Belgium, officially the Kingdom of Belgium, is a federal monarchy in Western Europe. It is a founding member of the European Union and hosts the EU’s headquarters as well as those of several other major international organisations such as NATO. Belgium covers an area of 30,528 square kilometres (11,787 sq mi) and has a population of about 11 million people.
Cities in Belgium
Brussels is quickly gaining a reputation as one of Europe’s must-see destinations. With its central location in the heart of Europe, Brussels is easily accessible by air or high-speed rail from neighboring countries. It is an international metropolis – a mosaic of languages, cultures, and traditions – and the home of the European Union, NATO and hundreds of international organizations. Among the most celebrated attractions are the Grand Place, Europe’s most beautiful medieval square lined with guild houses. Originally built in the 13th century, the square is a UNESCO World Heritage Site. Every other year for two days (it will occur be in 2014) the Grand’Place is decked out in an amazing flower carpet, made up of 1 million begonias.
Known for its vibrant nightlife, its funky bars and restaurants and numerous festivals, Belgians see Antwerp as the “capital of cool.” The Antwerp Fashion Academy produced a group of avant-garde designers who made a big splash on the fashion scene in the 1980′s and became known as “The Antwerp Six”. Antwerp is also an art-loving city with which the name Rubens is eternally linked. More than 400 years after the birth of this brilliant painter, it is still possible to see the extent to which Rubens left his mark on the city. Funky nightlife, historical buildings, and the biggest diamond center in the world, Antwerp offers something for everybody.
The historic center of Bruges is on the list of UNESCO World Heritage Sites and is teeming with places of interest. With the city center closed off to cars, all the stunning beauty and culture of this unforgettable city can be easily explored on foot, by boat along quiet canals, or by horse-drawn carriage on cobblestoned streets. Although Bruges is a small city, it is filled to the brim with architectural and artistic treasures, folklore, chocolate shops, lace boutiques and fine restaurants. Two popular places in the city are The Beguinages (on the UNESCO World Heritage list, it is the home of the nuns of the order of Saint Benedict) and the Halve Maan Brewery, a family-owned brewery and creator of the famous ‘Brugse Zot’ beer.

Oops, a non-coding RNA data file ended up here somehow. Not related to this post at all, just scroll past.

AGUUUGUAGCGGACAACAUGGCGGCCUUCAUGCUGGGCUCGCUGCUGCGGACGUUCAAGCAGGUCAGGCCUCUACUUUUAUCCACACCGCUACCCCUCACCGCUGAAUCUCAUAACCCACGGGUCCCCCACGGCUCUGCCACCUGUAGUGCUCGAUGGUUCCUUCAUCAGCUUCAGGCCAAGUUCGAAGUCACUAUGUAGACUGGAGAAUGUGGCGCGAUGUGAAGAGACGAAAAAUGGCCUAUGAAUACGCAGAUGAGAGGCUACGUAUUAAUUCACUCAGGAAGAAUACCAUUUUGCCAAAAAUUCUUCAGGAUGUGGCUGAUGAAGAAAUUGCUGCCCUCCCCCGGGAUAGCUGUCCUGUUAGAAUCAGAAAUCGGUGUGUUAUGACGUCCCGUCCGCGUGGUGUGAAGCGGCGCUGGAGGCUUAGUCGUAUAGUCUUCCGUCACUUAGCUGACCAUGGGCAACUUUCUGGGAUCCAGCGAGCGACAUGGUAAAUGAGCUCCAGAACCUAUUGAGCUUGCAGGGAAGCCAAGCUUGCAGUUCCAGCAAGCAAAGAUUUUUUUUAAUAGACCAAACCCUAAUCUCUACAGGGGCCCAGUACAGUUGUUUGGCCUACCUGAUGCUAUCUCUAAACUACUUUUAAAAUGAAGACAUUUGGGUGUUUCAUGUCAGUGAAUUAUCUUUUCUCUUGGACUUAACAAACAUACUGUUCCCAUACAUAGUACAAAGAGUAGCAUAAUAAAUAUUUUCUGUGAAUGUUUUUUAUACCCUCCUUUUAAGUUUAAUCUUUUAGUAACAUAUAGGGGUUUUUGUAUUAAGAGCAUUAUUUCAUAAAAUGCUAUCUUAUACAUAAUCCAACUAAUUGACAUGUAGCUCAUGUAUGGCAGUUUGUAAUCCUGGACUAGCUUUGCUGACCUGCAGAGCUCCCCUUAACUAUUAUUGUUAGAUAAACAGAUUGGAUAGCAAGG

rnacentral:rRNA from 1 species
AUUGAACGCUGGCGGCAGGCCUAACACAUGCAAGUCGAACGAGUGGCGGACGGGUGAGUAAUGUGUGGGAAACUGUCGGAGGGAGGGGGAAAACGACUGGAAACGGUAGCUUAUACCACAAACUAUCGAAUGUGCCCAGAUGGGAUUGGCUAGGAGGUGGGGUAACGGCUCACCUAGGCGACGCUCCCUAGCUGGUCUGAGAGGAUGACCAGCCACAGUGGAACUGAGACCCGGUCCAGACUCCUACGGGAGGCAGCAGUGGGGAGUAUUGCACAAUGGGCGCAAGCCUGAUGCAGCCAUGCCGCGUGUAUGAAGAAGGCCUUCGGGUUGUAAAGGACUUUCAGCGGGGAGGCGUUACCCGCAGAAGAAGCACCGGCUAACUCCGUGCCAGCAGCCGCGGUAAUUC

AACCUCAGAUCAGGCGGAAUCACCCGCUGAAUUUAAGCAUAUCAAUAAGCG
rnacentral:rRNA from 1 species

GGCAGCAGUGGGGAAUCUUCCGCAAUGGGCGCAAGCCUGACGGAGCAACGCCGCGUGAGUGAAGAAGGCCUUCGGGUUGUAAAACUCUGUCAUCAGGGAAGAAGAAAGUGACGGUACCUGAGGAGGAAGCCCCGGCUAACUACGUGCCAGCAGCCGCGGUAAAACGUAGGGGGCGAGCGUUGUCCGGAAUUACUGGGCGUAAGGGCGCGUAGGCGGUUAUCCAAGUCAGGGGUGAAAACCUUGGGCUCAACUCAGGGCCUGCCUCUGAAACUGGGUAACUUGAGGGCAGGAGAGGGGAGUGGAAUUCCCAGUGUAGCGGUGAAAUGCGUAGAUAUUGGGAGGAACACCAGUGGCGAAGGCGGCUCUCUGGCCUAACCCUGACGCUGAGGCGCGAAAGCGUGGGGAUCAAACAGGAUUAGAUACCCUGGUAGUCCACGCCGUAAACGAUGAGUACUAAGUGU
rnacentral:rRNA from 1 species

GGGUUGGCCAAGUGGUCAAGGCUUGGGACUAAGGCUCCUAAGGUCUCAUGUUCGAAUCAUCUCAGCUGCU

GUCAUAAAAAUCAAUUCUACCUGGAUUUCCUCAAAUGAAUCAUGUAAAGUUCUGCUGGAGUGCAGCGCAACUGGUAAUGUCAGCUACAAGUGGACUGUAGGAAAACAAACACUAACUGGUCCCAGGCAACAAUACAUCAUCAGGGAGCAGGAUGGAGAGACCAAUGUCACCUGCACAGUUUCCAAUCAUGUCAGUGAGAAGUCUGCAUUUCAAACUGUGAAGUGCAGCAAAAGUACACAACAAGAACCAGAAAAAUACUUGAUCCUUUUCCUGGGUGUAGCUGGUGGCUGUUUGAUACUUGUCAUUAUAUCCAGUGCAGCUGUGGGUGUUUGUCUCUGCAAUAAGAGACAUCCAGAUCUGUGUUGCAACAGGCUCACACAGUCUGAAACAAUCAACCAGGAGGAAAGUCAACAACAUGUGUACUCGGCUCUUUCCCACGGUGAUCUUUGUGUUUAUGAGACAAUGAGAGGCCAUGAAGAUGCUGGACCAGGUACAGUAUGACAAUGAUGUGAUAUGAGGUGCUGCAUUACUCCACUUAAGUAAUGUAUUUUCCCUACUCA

If you ask a Belgian where they like to travel within their own country, many will tell you about the friendly city of Ghent. With most of the town center closed to cars, they will probably also tell you that Belgium’s third largest city is best explored on two wheels or by boat along the elegant canals. Ghent is an unassuming, un-touristy city filled with university students, linger-as-long-as-you-like cafes, well-priced restaurants and vibrant energy. It’s a city with great mustard, Stropke beer (which is Flemish for noose), and the ten-day Ghent Celebrations held every year in July where the inhabitants go all out with theater performances, concerts, singing, dancing, and drinking.
Liege, the largest French-speaking city in Belgium after Brussels, is a historical city situated along the Meuse River. In the fall of 2009, the city welcomed the opening of a stunning, new train station, which brings visitors to Liege from Brussels in 1 hour, Maastrict, Holland in 20 mins and Paris in 2 hours. Designed by the world-renowned architect Santiago Calatrava, it’s a prime example of Liege’s modern transformations. Just outside the city, visitors have easy access to the Blegny mines and the Henri Chapelle American Military cemetery, the largest in Belgium.
Namur, the capital of Belgium’s French-speaking region, sits along the Meuse River and is just 1-hour by car or train from Brussels. This impressive fortified town is surrounded by one of Europe’s largest ancient citadels, first built during the 3rd and 4th centuries, and later reconstructed during the 13th and 14th centuries. For shopaholics the city is popular for its many fabulous boutique shops. Just outside of Namur, the towns of Dinant and Wepion offer a wonderful day trip to visitors with an explorer’s spirit.
In this town close to the Luxembourg border, thousands of American soldiers died fighting in WWII during the Battle of the Bulge. Their legacy lives on in the hearts and minds of locals and they take it upon themselves to remember the sacrifice those soldiers made for them and their town. On the Grand Place of Bastogne, there’s a Sherman Tank from the 11th US Armored Division.
Located just 1 hour from Brussels, Mons is a city rich in history and tradition. The town hall building on the Grand Place of Mons, constructed between 1458 and 1477, has a Belfry, listed as a UNESCO World Heritage Site. Van Gogh also spent some time near Mons before moving on to Provence. His house, an authentic and preserved environment, now houses a permanent exhibition of reproductions and an audio-visual show in various languages, including English.